Shelley Hirsch is internationally renowned, and a major presence in the New York avant-garde music scene. She is a critically acclaimed vocalist, composer, and storyteller. Her improvising skills are acute. She can sculpt dialog, rhythm, and tone into swirls of sonic imagery. Pulling subject matter from a network of visceral, cultural, and abstract associations, she delivers thoughts poetically. Her work is often autobiographical and fluctuates from light-hearted themes to serious cultural and political experiences. She finds musicality in the present and past.
Shelley has followed her passion for performance and music from an early age. When asked about her childhood, she describes the apartment in East New York, Brooklyn, where she grew up in the ’50s. She describes the atmospheric sounds of the tenants’ music and conversations. Her mother worked as a switchboard operator. Her father, a laborer, came home after long days of work, and spun records on the turntable. She recalls how he transformed the living space into one of enchantment, through music and dance.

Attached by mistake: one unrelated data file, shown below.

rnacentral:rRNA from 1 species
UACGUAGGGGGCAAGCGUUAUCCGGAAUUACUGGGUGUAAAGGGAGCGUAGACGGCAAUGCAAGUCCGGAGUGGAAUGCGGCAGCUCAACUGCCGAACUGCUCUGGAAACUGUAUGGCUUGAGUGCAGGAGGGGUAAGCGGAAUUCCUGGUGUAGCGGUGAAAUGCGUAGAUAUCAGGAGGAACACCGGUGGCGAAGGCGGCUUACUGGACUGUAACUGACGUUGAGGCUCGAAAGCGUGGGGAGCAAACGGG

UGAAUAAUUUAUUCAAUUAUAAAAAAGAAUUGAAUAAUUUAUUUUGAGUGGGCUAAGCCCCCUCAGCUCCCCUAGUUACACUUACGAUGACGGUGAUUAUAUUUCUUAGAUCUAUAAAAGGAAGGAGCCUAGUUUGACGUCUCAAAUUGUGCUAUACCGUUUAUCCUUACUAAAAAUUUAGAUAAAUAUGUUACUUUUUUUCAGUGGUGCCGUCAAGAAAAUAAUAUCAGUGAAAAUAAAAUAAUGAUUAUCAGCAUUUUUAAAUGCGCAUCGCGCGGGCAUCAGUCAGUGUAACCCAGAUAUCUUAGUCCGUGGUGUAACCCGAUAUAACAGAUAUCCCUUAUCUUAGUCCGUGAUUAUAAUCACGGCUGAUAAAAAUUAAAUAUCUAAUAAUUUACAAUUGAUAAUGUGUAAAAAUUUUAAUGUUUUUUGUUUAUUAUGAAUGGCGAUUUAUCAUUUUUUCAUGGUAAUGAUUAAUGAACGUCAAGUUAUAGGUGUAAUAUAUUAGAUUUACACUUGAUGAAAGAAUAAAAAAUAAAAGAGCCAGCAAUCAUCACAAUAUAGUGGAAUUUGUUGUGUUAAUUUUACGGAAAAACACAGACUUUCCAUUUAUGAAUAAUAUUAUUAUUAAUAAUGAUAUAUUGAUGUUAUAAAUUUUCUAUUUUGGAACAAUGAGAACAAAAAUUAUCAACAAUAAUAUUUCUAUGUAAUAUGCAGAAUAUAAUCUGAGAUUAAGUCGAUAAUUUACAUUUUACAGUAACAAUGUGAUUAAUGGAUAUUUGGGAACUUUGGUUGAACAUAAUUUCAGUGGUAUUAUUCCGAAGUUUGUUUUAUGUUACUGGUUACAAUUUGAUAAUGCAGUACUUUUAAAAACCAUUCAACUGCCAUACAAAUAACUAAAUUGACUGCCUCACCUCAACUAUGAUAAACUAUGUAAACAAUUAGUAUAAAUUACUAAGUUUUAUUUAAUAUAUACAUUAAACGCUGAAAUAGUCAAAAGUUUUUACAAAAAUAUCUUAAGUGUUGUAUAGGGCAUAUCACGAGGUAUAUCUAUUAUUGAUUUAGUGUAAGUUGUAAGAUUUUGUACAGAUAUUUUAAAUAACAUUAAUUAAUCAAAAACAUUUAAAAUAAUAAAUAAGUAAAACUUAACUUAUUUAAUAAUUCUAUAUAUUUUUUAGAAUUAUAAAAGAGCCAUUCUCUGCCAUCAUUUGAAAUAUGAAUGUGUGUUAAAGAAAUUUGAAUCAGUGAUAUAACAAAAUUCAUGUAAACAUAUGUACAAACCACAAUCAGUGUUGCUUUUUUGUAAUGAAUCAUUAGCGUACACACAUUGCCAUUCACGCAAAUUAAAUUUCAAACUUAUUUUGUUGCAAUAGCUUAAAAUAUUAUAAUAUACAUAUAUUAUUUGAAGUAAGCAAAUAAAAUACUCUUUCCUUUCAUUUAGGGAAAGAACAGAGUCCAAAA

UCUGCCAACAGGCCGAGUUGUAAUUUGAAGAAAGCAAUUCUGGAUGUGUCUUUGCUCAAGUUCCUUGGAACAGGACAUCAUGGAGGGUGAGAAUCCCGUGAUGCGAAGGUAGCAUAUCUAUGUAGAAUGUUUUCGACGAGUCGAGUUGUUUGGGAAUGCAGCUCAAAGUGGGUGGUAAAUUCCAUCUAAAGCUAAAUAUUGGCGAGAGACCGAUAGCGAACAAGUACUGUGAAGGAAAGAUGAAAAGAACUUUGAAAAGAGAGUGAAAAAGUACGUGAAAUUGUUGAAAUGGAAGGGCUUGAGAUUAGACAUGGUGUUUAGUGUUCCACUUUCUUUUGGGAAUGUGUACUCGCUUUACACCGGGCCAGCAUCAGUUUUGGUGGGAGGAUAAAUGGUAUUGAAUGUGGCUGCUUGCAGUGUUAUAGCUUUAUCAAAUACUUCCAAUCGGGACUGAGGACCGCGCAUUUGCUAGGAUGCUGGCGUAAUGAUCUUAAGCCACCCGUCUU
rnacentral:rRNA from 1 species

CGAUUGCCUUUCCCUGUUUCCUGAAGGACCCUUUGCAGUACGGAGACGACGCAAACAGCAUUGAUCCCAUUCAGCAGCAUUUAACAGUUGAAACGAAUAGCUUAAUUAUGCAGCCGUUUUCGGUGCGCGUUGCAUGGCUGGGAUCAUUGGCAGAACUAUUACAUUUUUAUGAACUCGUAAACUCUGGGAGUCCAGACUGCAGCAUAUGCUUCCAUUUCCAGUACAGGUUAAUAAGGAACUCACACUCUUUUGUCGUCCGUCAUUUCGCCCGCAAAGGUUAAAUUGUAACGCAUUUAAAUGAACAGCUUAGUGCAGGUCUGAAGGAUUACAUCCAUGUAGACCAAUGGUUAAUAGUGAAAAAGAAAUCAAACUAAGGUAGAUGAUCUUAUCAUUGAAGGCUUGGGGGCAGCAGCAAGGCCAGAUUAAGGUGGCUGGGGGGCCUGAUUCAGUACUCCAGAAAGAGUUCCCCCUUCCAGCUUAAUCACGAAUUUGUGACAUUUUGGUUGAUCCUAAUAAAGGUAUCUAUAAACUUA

Shelley loved listening to her voice in different areas of the building. She was intrigued with how sound travels and is altered in different spaces. She sang in the corridors, stairwells, and hallways, and led choral processions with the other children.
The neighborhood back then was full of tension. Shelley said she hated the racist attitude of the neighbors on her block and went to the East and West Village, to join protest marches and to find other like-minded people.